Department of Classics

AHC 310 • Medieval Millennium Eur

32740 • Newman, Martha
Meets MW 10:00AM-11:00AM WEL 3.502 • Hybrid/Blended
GC (also listed as HIS 309M)
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Our images of medieval Europe are often shaped more by contemporary popular culture and modern politics than by the historical record.  Scholars, however, have broadened their understanding of the period to incorporate material culture, as well as data from climate science, genetics, and archeology, into their traditional analysis of written documents. This class draws on recent studies of European history between 500 and 1500 to explore how the social practices, ideas, and institutions of the European middle ages developed through interactions with Europe’s neighbors. Themes include: climate change and disease; archeological evidence for everyday life; the relationship between trade and political power; the articulation of religious, ethnic, and gendered differences; intellectual interactions between Christians, Jews, and Muslims; and the formation of empires.

Here’s what we will investigate together:
• important events, people, and places within the medieval millennium (500-1500)
• how interactions with peoples, ideas, and material objects from the Middle East, Asia and Africa shaped medieval European culture
• the documents and material objects that scholars use to study medieval Europe, and how to understand the perspectives of their authors and their audiences
• how historians formulate arguments and conversations
• an understanding of how societies change
 the modern fascination with the medieval past, and ways of understandingcultures different from our own
• how to write and speak more clearly, to articulate your position or argument, and to support it effectively and respectfully.


Readings:
Barbara Rosenwein, A Short History of the Middle Ages (5th edition). University of Toronto Press, 2018
Articles, translated documents and images will be available on Canvas


Grading:
Midterm  20%
Final Exam 30%
Reading response handouts and class participation 20%
Group research project and oral presentation   30%.  


AHC 310 • Medieval Millennium Eur-Wb

32744 • Newman, Martha
Meets F 10:00AM-11:00AM • Internet
GC
show description

Our images of medieval Europe are often shaped more by contemporary popular culture and modern politics than by the historical record.  Scholars, however, have broadened their understanding of the period to incorporate material culture, as well as data from climate science, genetics, and archeology, into their traditional analysis of written documents. This class draws on recent studies of European history between 500 and 1500 to explore how the social practices, ideas, and institutions of the European middle ages developed through interactions with Europe’s neighbors. Themes include: climate change and disease; archeological evidence for everyday life; the relationship between trade and political power; the articulation of religious, ethnic, and gendered differences; intellectual interactions between Christians, Jews, and Muslims; and the formation of empires.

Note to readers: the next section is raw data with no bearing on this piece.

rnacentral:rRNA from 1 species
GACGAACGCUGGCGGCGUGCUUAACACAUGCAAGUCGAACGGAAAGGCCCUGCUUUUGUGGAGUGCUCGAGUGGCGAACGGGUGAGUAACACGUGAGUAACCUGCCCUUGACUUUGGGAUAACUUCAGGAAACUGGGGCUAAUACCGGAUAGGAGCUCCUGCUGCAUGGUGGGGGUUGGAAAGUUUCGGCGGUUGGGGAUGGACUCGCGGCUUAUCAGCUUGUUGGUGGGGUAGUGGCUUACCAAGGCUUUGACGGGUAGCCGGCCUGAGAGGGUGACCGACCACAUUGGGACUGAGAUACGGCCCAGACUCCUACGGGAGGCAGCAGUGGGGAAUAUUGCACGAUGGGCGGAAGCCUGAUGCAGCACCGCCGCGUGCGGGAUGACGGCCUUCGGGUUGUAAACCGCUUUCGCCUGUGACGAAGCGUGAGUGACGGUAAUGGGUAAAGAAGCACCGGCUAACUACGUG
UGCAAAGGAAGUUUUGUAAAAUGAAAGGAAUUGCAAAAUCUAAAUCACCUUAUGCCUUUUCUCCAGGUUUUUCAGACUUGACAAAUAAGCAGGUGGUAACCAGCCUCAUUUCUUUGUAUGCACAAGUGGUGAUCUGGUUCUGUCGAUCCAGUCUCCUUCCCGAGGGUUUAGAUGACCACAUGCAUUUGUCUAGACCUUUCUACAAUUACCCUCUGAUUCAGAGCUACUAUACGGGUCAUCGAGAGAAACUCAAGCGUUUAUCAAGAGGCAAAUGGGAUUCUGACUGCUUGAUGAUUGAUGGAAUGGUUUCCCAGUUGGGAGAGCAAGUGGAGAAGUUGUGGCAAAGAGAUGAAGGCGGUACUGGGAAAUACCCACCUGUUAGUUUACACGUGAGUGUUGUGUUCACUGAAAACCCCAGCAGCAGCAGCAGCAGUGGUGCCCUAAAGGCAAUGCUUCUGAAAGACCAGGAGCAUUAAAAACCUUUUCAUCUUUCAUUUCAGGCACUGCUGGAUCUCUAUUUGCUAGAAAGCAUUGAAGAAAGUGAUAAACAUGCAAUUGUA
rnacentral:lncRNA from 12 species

Here’s what we will investigate together:
• important events, people, and places within the medieval millennium (500-1500)
• how interactions with peoples, ideas, and material objects from the Middle East, Asia and Africa shaped medieval European culture
• the documents and material objects that scholars use to study medieval Europe, and how to understand the perspectives of their authors and their audiences
• how historians formulate arguments and conversations
• an understanding of how societies change
 the modern fascination with the medieval past, and ways of understandingcultures different from our own
• how to write and speak more clearly, to articulate your position or argument, and to support it effectively and respectfully.


Readings:
Barbara Rosenwein, A Short History of the Middle Ages (5th edition). University of Toronto Press, 2018
Articles, translated documents and images will be available on Canvas


Grading:
Midterm  20%
Final Exam 30%
Reading response handouts and class participation 20%
Group research project and oral presentation   30%.  


AHC 319D • Ancient Mediterranean World

32745-32760 • Lee, Kevin
Meets MW 1:00PM-2:00PM JES A121A
GC (also listed as C C 319D)
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"Ancient Mediterranean World" surveys the major civilizations of Mesopotamia, Egypt, Greece and Italy from the dawn of the city around 3000 BC through the collapse of the Western Roman Empire in the 400s AD. Beyond providing a basic historical framework, the course explores the surprising ways in which the various civilizations of the area influenced one another culturally. We will examine interactions between Egyptians, Sumerians, Hittites, Hebrews, Persians, Greeks and Romans, among others. Students will also learn about the different types of evidence, both literary and archaeological, on which knowledge of the ancient world is based. There are two lectures and one discussion section per week.